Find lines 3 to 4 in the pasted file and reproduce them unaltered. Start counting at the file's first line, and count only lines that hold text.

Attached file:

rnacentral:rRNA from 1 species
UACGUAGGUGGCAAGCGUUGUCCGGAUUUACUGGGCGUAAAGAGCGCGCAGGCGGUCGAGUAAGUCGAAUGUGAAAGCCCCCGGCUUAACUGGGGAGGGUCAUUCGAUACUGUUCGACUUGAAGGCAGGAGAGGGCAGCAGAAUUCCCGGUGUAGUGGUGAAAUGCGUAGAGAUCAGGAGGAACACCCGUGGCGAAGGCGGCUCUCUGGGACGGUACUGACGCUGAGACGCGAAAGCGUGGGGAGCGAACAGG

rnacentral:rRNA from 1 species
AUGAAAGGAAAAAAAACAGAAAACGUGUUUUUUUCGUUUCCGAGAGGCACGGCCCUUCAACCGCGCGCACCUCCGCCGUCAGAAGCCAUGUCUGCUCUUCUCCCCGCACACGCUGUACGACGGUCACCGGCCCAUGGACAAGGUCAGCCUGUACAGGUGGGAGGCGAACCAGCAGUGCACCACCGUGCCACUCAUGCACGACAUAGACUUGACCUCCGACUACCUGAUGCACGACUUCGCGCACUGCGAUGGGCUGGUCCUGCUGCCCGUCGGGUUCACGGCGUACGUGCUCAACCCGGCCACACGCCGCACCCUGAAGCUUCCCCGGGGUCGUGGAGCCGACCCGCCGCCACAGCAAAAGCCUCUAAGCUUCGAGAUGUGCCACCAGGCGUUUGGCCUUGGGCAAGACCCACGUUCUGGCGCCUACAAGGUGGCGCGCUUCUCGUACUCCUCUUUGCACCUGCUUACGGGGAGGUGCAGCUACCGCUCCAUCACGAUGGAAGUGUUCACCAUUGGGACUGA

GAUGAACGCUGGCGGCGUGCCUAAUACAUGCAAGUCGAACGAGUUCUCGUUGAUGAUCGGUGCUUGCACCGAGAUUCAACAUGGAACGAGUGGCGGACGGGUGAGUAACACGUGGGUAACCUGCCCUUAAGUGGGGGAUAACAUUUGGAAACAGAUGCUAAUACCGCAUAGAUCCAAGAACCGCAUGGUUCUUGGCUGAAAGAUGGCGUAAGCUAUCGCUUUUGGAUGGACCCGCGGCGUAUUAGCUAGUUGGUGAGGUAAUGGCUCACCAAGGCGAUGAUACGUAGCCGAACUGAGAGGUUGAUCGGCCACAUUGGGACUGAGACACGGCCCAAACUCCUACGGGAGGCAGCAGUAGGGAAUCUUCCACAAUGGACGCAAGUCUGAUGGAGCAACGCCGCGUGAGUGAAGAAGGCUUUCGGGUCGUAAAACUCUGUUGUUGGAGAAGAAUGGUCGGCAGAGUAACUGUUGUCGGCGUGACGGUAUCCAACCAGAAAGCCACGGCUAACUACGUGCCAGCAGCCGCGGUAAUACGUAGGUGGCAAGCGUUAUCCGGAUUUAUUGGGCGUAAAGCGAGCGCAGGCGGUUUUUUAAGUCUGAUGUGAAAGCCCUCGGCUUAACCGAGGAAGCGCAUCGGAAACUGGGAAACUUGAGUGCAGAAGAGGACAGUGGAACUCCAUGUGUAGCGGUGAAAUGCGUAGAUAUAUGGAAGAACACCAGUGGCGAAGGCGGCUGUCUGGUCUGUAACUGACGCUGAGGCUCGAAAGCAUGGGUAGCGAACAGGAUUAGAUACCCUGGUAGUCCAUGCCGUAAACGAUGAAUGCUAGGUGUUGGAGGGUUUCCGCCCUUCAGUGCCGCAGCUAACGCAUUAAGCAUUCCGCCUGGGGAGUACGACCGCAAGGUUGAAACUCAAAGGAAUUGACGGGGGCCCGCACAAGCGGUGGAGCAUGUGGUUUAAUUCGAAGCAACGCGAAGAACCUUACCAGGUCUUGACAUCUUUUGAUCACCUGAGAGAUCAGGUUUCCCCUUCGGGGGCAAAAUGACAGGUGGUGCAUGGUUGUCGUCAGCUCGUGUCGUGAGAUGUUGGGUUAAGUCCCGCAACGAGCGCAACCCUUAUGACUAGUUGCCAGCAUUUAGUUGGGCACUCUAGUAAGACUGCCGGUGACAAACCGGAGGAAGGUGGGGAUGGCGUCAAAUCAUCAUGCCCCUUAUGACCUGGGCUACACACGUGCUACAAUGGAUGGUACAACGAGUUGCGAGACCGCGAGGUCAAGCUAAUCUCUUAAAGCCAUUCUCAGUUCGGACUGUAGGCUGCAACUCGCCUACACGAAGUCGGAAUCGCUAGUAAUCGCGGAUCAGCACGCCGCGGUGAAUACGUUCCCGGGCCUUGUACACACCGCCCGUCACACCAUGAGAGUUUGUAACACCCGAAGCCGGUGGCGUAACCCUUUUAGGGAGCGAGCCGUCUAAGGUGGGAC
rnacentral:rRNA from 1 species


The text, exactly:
rnacentral:rRNA from 1 species
AUGAAAGGAAAAAAAACAGAAAACGUGUUUUUUUCGUUUCCGAGAGGCACGGCCCUUCAACCGCGCGCACCUCCGCCGUCAGAAGCCAUGUCUGCUCUUCUCCCCGCACACGCUGUACGACGGUCACCGGCCCAUGGACAAGGUCAGCCUGUACAGGUGGGAGGCGAACCAGCAGUGCACCACCGUGCCACUCAUGCACGACAUAGACUUGACCUCCGACUACCUGAUGCACGACUUCGCGCACUGCGAUGGGCUGGUCCUGCUGCCCGUCGGGUUCACGGCGUACGUGCUCAACCCGGCCACACGCCGCACCCUGAAGCUUCCCCGGGGUCGUGGAGCCGACCCGCCGCCACAGCAAAAGCCUCUAAGCUUCGAGAUGUGCCACCAGGCGUUUGGCCUUGGGCAAGACCCACGUUCUGGCGCCUACAAGGUGGCGCGCUUCUCGUACUCCUCUUUGCACCUGCUUACGGGGAGGUGCAGCUACCGCUCCAUCACGAUGGAAGUGUUCACCAUUGGGACUGA